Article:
Most V6 engines feature either a 60- or 90-degree angle between the cylinder banks. They also have two separate cylinder heads. The 3.6-liter VR6 has just 10.6 degrees of separation between banks, and it’s got only one head. It’s a diabolically clever way of packaging an engine into a small space. The VR6 isn’t too much bigger than a four-banger.
And the layout really works. It delivers 280 silky-smooth horses and 258 lb-ft of torque, though premium fuel is required. Additionally these engines make some of the greatest internal-combustion sounds ever to emanate from a mass-production street engine. Especially when uncorked they have a melodious warble that’s unlike anything else on the road. The early versions were especially musical.
As for fuel economy this car stickers at 20 miles per gallon city and 28 highway. These figures result in a combined score of 23 mpg. A six-speed dual-clutch automatic transmission no doubt contributes to the Passat’s impressive economy scores.
SEE ALSO: 2013 Volkswagen Passat Review
Nuts-and-bolts issues aside the V6 SEL Premium model offers a lot of nice features. Passengers are treated to leather-covered seats and a four-year subscription to SiriusXM radio. Eight-way power front buckets, automatic climate control and keyless access are also included.
Niceties like remote start, a backup camera and a touch-screen navigation system are also part of the total package, which stickers for $34,715. That price includes $820 in shipping and handling fees.
Suggestion #3 – 2014 Toyota Avalon XLE Premium
Walking the line between Chevy’s exuberant new Impala and the understated Vee-Dub is Toyota’s stylish Avalon.
Midrange non-hybrid XLE Premium models sticker for right around $34,400, including those pesky processing fees, which total $810. Like the other two cars presented here this flavor of the Avalon gets you some really nice equipment.
Outside it has bright LED tail-lights, a power moonroof and somewhat small 17-inch alloy wheels. Heated outside mirrors with integrated signal indicators as well as chrome-plated dual exhaust tips add some glitter to the car’s body.
All non-hybrid Avalons are powered by a 3.5-liter V6 engine. In spite of its similar displacement it’s not quite as powerful and the unit under the Passat’s hood and it falls quite short of what motivates the Impala. Thankfully it’s supremely refined.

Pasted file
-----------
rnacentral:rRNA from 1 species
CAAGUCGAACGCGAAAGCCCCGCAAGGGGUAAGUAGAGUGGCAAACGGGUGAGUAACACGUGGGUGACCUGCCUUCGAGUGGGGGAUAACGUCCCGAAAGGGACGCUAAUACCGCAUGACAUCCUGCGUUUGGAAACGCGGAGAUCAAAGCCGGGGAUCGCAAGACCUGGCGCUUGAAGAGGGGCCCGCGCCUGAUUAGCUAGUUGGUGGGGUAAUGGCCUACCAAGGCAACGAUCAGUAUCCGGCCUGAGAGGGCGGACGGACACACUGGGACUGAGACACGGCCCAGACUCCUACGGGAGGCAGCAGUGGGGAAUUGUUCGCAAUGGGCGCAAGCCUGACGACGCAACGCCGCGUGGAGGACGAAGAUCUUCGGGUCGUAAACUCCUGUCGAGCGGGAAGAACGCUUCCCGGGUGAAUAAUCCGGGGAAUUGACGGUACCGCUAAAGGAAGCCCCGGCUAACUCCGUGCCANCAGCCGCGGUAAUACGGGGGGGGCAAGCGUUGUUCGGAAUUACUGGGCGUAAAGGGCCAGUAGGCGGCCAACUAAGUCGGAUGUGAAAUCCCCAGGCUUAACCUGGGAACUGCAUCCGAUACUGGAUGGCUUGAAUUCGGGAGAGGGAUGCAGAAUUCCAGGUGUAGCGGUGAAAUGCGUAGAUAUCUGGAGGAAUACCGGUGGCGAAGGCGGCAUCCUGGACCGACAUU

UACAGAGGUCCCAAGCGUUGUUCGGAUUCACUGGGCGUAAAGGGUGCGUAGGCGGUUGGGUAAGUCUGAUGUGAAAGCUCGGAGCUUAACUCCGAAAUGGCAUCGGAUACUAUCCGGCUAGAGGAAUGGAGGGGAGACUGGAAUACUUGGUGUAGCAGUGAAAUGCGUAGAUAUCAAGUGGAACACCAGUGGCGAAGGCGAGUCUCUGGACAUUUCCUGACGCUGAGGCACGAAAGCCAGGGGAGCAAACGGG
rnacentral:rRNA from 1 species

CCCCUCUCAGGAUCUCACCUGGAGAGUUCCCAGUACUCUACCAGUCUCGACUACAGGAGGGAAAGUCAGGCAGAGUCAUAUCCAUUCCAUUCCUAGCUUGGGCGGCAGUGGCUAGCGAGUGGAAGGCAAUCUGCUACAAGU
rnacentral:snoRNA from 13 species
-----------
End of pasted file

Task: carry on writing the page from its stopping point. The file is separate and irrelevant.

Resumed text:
This bent-six whips-up 268 creamy-smooth horsepower with 248 lb-ft of torque. A six-speed automatic transmission is your only choice, which really isn’t a choice. It too is slick and refined.
The tradeoff for slightly reduced output is greater efficiency. The Avalon should be able to stretch a gallon of regular-grade gasoline 21 miles in city driving and up to 31 on the highway. According to the EPA its combined score is an impressive 25 mpg.
Inside you’ve got dual-zone automatic climate control, a backup camera and a leather trimmed steering wheel. The driver gets an eight-way power chair but whoever’s riding shotgun has to make do with just four electronically controlled adjustments.
SEE ALSO: 2013 Toyota Avalon Review
At least all of the seats are covered in leather. Further easing the sting is a standard auto-dimming rear-view mirror, push-button start and cruise control. This car is ready for your next road trip.
CHOOSE THE ONE THAT’S RIGHT FOR YOU
Large cars have evolved tremendously from decades past. Today’s crop of sizable sedans offer high-end features, ample performance and fuel economy that’s probably better than what compact models delivered just a few short years ago.
Whether you choose the stylish and spacious Impala, the sensible and sophisticated Passat or the avant-garde Avalon you can’t go wrong. Each of these cars is a strong entrant in the market and each one has a bevy of plusses. These models demonstrate how automakers have shifted from selling cheap hamburger meat to Kobe beef; it’s a change we’re happy they’ve made.
COMPARE SPECS FOR YOURSELF: Chevrolet Impala vs Volkswagen Passat vs Toyota Avalon
If you need a little assistance shopping for your next vehicle feel free to do the same. Send a short message to ask@AutoGuide.com. Let us know the basics of what you’re looking for. How many seats do you need? What size of vehicle do you want? How much are you willing to spend? With some of those fundamentals out of the way we’ll get busy to come up with two or three must-see vehicles that you’ll have to put on your test-drive list.